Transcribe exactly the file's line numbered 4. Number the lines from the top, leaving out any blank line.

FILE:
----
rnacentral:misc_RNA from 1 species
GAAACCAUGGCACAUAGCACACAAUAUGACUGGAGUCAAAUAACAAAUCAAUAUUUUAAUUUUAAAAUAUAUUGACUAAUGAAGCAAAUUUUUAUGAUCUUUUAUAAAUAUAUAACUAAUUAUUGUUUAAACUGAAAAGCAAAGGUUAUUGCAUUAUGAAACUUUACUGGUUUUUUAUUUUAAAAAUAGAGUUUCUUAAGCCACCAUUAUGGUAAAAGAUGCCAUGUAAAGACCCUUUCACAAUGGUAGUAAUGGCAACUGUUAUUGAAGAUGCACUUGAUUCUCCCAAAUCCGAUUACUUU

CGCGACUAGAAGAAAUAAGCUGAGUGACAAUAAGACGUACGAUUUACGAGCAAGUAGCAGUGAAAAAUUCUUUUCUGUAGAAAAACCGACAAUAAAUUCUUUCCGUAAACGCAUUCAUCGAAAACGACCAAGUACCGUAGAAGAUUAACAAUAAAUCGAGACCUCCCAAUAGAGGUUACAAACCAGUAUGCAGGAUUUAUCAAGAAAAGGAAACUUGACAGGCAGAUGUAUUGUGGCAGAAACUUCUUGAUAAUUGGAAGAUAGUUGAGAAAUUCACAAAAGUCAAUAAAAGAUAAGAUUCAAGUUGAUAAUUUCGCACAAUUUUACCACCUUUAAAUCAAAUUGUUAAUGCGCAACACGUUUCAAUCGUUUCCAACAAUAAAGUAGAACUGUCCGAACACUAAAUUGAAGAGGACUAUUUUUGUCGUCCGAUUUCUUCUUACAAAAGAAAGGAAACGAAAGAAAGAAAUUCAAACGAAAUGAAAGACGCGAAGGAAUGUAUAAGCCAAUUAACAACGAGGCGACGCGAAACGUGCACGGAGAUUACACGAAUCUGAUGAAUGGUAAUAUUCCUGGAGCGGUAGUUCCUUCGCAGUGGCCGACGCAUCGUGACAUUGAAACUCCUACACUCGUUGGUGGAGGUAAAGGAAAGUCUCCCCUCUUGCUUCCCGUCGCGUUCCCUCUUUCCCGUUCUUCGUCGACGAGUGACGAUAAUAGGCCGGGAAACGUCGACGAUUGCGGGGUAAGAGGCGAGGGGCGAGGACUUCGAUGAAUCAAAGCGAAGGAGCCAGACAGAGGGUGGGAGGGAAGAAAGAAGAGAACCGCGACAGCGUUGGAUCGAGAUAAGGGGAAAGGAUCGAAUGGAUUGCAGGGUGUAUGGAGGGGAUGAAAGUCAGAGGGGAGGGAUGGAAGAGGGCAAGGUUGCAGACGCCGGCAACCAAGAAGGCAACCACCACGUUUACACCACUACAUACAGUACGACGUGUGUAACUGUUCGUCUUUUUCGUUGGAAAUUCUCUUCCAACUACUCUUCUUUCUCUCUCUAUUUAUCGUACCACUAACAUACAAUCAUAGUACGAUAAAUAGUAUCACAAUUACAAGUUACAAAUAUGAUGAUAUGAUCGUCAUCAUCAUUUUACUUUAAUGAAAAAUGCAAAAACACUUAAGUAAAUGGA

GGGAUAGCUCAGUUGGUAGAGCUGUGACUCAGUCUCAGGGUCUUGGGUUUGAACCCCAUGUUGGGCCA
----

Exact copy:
GGGAUAGCUCAGUUGGUAGAGCUGUGACUCAGUCUCAGGGUCUUGGGUUUGAACCCCAUGUUGGGCCA